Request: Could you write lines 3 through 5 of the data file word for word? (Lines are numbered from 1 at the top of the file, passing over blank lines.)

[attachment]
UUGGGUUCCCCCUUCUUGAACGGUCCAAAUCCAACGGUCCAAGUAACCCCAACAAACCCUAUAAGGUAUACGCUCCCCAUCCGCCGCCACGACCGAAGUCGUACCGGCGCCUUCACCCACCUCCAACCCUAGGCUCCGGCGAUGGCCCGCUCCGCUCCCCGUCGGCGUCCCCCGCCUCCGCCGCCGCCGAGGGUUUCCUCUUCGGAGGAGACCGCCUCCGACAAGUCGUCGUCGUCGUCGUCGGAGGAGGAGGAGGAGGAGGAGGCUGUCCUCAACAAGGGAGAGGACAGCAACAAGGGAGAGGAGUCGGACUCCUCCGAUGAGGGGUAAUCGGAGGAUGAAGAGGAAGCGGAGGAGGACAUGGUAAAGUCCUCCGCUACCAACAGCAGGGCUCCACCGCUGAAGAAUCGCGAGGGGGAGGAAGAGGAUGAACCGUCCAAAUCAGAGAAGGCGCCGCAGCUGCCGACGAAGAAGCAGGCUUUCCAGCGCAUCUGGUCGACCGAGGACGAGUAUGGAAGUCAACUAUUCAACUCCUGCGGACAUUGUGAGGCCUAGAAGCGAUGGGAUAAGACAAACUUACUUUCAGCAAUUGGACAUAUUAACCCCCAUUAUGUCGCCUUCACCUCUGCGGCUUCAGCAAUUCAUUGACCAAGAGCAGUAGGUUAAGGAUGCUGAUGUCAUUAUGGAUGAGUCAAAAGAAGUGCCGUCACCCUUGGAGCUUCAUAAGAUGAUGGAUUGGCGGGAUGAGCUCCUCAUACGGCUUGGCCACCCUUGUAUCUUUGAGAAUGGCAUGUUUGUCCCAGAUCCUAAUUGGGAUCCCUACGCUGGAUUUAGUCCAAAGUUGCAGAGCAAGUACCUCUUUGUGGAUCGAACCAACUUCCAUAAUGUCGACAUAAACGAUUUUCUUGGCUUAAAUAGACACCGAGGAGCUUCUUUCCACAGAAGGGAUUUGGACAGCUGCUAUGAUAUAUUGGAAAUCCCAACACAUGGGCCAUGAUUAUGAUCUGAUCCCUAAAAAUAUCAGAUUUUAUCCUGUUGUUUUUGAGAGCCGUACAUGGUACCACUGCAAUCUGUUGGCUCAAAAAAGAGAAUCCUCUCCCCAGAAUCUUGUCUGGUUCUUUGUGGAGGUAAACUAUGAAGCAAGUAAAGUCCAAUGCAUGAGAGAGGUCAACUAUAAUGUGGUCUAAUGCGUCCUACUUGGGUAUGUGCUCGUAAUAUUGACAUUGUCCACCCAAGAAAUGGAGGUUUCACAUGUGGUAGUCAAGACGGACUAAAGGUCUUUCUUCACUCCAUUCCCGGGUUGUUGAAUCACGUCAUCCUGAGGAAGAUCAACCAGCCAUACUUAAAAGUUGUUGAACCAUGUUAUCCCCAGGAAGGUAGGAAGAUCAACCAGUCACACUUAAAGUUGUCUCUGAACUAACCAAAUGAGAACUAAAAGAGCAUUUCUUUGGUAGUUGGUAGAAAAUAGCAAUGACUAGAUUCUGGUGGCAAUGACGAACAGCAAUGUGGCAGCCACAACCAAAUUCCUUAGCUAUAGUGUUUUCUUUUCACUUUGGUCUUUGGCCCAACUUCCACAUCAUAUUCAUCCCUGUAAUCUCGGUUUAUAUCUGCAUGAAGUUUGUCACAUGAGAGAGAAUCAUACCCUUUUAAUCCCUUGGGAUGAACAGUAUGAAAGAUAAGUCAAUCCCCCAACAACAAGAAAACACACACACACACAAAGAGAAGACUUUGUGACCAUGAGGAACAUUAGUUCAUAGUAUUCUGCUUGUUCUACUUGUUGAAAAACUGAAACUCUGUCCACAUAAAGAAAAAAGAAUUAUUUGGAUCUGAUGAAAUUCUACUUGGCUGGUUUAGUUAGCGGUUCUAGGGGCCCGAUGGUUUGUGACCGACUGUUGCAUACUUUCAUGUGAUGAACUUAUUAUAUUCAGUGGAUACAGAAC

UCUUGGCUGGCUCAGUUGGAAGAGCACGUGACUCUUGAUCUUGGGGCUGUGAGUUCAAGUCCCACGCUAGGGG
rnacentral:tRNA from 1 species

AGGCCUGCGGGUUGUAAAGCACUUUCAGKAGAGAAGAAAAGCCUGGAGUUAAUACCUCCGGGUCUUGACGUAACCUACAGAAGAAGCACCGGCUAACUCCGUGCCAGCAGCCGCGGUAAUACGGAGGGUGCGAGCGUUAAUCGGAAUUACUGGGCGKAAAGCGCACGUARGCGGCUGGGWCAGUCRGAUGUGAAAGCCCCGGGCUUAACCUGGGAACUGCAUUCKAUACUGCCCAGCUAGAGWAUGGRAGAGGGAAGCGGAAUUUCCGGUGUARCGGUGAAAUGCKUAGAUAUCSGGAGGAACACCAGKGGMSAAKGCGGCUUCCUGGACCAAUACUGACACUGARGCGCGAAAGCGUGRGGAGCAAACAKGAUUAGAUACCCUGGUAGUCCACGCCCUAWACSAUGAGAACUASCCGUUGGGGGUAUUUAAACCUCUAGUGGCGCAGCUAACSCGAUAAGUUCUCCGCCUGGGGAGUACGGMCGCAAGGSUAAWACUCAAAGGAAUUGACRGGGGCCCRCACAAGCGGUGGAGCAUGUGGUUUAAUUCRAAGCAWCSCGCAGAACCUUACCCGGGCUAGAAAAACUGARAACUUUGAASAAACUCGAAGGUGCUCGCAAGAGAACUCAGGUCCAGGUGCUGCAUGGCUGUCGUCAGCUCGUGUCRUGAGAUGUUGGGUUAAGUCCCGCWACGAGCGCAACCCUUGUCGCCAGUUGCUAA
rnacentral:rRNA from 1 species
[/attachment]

rnacentral:tRNA from 1 species

AGGCCUGCGGGUUGUAAAGCACUUUCAGKAGAGAAGAAAAGCCUGGAGUUAAUACCUCCGGGUCUUGACGUAACCUACAGAAGAAGCACCGGCUAACUCCGUGCCAGCAGCCGCGGUAAUACGGAGGGUGCGAGCGUUAAUCGGAAUUACUGGGCGKAAAGCGCACGUARGCGGCUGGGWCAGUCRGAUGUGAAAGCCCCGGGCUUAACCUGGGAACUGCAUUCKAUACUGCCCAGCUAGAGWAUGGRAGAGGGAAGCGGAAUUUCCGGUGUARCGGUGAAAUGCKUAGAUAUCSGGAGGAACACCAGKGGMSAAKGCGGCUUCCUGGACCAAUACUGACACUGARGCGCGAAAGCGUGRGGAGCAAACAKGAUUAGAUACCCUGGUAGUCCACGCCCUAWACSAUGAGAACUASCCGUUGGGGGUAUUUAAACCUCUAGUGGCGCAGCUAACSCGAUAAGUUCUCCGCCUGGGGAGUACGGMCGCAAGGSUAAWACUCAAAGGAAUUGACRGGGGCCCRCACAAGCGGUGGAGCAUGUGGUUUAAUUCRAAGCAWCSCGCAGAACCUUACCCGGGCUAGAAAAACUGARAACUUUGAASAAACUCGAAGGUGCUCGCAAGAGAACUCAGGUCCAGGUGCUGCAUGGCUGUCGUCAGCUCGUGUCRUGAGAUGUUGGGUUAAGUCCCGCWACGAGCGCAACCCUUGUCGCCAGUUGCUAA
rnacentral:rRNA from 1 species